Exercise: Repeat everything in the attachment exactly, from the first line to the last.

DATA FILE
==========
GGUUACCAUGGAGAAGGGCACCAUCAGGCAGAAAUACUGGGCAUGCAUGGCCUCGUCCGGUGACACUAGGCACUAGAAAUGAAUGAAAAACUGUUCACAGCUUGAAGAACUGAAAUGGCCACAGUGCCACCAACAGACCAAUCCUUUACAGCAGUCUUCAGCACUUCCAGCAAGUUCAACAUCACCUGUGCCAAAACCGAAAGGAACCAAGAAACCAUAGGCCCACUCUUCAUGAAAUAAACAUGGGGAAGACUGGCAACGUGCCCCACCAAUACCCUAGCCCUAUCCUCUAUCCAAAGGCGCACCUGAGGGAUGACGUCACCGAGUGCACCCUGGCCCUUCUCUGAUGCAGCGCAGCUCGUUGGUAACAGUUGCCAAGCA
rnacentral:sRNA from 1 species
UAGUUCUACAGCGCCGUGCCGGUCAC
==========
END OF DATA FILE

GGUUACCAUGGAGAAGGGCACCAUCAGGCAGAAAUACUGGGCAUGCAUGGCCUCGUCCGGUGACACUAGGCACUAGAAAUGAAUGAAAAACUGUUCACAGCUUGAAGAACUGAAAUGGCCACAGUGCCACCAACAGACCAAUCCUUUACAGCAGUCUUCAGCACUUCCAGCAAGUUCAACAUCACCUGUGCCAAAACCGAAAGGAACCAAGAAACCAUAGGCCCACUCUUCAUGAAAUAAACAUGGGGAAGACUGGCAACGUGCCCCACCAAUACCCUAGCCCUAUCCUCUAUCCAAAGGCGCACCUGAGGGAUGACGUCACCGAGUGCACCCUGGCCCUUCUCUGAUGCAGCGCAGCUCGUUGGUAACAGUUGCCAAGCA
rnacentral:sRNA from 1 species
UAGUUCUACAGCGCCGUGCCGGUCAC